There’s an unexpectedly resonant moment deep in the film when Shawn and Stu rob the home of a beloved rapper. Stu excitedly tears the rapper’s gold records off the wall in a fit of greed, only to realize that they aren’t gold at all, but worthless spray-painted vinyl records. Disgusted, he smashes the plaques in a sequence that bluntly speaks volumes about the empty promise and distracting glitter of the record industry. This isn’t the film’s only commentary on the cruelty of the music industry: Over the course of his misadventures in thievery, Shawn encounters the man of the hour himself, Dash, robbing a house to pay for studio time for his Roc-A-Fella artists. We then see Jay-Z in the studio and learn that Shawn took advantage of him being there by robbing his home. As Shawn admiringly reports, however, Jay-Z managed to flip the situation to his advantage by dramatically over-reporting the value of the stolen goods to his insurance company, so he can make a tidy profit in the exchange. Shawn quips that Jay-Z is such a financial genius that he even manages to make money off being robbed.
Paper Soldiers benefits from the low expectations rapsploitation engenders, but what distinguishes it from the rest of the pack is its feel for the small but telling details that give its world context and color, like Shawn staring down rent-to-own bills on the first of the month (the rent-to-own hustle being a legally sanctioned form of stealing from the poor), or an incompetent, increasingly paranoid, inebriated lookout driver raving about what a good deal he got on a 89-cent bottle of malt liquor. Dash established an outsized persona as the ultimate hustler, but Paper Soldiers is agreeably modest and life-sized. That extends to a climax that sends Shawn back to jail for breaking and entering, then delivers, via narration, the film’s unsubtle but worthwhile message, “Don’t break into people’s shit!”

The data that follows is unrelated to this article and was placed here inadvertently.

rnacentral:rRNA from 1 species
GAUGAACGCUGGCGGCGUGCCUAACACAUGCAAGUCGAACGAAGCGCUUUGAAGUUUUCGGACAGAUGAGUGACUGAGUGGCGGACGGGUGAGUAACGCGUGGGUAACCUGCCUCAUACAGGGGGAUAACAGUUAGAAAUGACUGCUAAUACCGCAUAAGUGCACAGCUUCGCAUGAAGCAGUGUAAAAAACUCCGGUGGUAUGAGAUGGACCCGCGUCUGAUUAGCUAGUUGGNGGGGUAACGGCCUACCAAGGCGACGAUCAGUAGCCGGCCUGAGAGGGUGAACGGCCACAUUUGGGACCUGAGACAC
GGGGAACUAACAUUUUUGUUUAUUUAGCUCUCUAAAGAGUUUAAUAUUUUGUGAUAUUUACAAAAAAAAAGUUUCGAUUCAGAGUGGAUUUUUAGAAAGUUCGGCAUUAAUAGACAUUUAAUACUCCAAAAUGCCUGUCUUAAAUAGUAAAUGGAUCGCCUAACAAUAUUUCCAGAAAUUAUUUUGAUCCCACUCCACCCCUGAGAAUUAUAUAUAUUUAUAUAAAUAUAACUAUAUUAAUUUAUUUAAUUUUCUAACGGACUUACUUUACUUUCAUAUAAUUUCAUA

Dash has never been implicated in any burglaries, but he has been accused of all other manner of financial chicanery by prominent members of Paper Soldiers’ cast, though they may have been acting on behalf of sinister agents of Wack World. Like the hapless dreamers of Paper Soldiers, Dash is now hurting for money. These days, when Dash’s name appears in the press, it’s generally within the context of tax problems, foreclosures, and other financial woes. I have faith in Dash, however. It would be foolish, after all, to underestimate a man who has both conquered the world (with a little help from Jay-Z) and knows the oft-overlooked value of a good butler. So maybe this all connects back to Lee Daniels’ new film after all.